NJ Passes Bill to Foster Development of OffShore Wind Generation

In less than a month, the New Jersey legislature introduced and passed S-2036, the “Offshore Wind Economic Development Act.” Both the NJ Senate and the Assembly passed the Senate version on June 28, 2010. This swift action quickly followed NJ’s joining a 10-state Atlantic OffShore Wind Consortium.

The bill establishes an offshore wind renewable energy certificate program that will require a percentage of electricity sold in NJ to be from offshore wind energy. The New Jersey Board of Public Utilities will be authorized to accept and approve applications for qualified offshore wind projects. The New Jersey Economic Development Authority will have the authority to provide financial assistance to qualified offshore wind projects and associated equipment manufacturers and assembly facilities in the state.

Concerns about potential environmental impacts have been soothed by the conclusions of a two year study led by New Jersey Department of Environmental Protection and announced in draft form on June 18, 2010. The study surveyed bird species, marine mammals, sea turtles and fish off the NJ coast and assessed the likely impact from the construction, operation and decommissioning of an offshore wind farm. The final report will provide the necessary data to screen sites, estimate potential impacts on sea animals and mitigation. NJDEP Commissioner Martin noted, “We now have the science and data needed to take the first steps towards making wind energy projects a reality for New Jersey. It puts us in the forefront environmentally, while also providing New Jersey with a great economic boost from jobs that will be created by this new green industry.” The final report is expected to be released in July.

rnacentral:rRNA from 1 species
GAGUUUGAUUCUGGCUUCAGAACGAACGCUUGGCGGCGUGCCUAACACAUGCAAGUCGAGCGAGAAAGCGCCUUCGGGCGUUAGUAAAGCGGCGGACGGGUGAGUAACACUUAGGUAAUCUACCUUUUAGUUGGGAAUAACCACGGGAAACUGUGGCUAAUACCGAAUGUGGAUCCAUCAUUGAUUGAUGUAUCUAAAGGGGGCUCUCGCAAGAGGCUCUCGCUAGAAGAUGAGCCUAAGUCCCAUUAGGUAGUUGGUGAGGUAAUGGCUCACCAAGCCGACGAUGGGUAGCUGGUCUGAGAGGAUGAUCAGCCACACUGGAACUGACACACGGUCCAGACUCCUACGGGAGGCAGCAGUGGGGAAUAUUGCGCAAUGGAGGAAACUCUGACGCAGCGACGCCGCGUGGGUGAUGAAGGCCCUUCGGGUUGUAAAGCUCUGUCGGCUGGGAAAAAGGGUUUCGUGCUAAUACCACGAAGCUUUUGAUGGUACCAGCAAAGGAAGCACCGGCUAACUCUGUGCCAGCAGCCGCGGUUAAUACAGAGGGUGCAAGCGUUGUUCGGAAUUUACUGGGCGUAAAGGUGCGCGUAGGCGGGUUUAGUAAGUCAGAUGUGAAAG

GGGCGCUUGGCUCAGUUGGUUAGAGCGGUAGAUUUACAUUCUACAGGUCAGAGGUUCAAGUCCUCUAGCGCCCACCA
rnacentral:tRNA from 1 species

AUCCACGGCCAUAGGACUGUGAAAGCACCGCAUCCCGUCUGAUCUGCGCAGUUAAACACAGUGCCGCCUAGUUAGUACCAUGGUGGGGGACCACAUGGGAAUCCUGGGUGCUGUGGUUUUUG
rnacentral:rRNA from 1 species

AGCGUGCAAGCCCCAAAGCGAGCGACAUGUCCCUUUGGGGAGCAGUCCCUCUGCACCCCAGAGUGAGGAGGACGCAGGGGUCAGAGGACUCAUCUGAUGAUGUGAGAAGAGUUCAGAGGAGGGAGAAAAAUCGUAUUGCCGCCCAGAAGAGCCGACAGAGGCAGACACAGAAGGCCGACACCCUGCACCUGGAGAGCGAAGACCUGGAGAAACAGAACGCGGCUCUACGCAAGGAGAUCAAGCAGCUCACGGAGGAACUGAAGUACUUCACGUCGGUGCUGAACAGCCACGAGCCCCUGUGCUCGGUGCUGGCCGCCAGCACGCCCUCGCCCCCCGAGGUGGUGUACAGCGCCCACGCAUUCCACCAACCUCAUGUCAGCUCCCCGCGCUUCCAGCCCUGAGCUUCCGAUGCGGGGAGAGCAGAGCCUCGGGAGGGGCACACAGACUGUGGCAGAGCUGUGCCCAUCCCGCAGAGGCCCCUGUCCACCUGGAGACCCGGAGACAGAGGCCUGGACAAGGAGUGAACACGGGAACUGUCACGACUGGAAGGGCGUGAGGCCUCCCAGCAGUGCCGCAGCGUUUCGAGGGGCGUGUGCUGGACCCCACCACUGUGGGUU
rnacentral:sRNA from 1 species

In testimony before the Senate Budget and Appropriations Committee, on June 23, Commissioner Martin may have dampened NJ’s enthusiasm for such projects when he candidly acknowledged that wind power is expensive compared to the cost of electricity NJ consumers currently pay. Wind power is expected to cost 18 to 24 cents per kilowatt hour, compared to 11 cents. Hal Bozarth, Executive Director of the Chemistry Council of New Jersey, cast more doubt on the promise of wind energy, stating, “The economic studies I’ve seen indicate on the wind farms side of things, you don’t create a lot of jobs.”

In spite of some naysayers, Governor Christie is expected to sign the bill.

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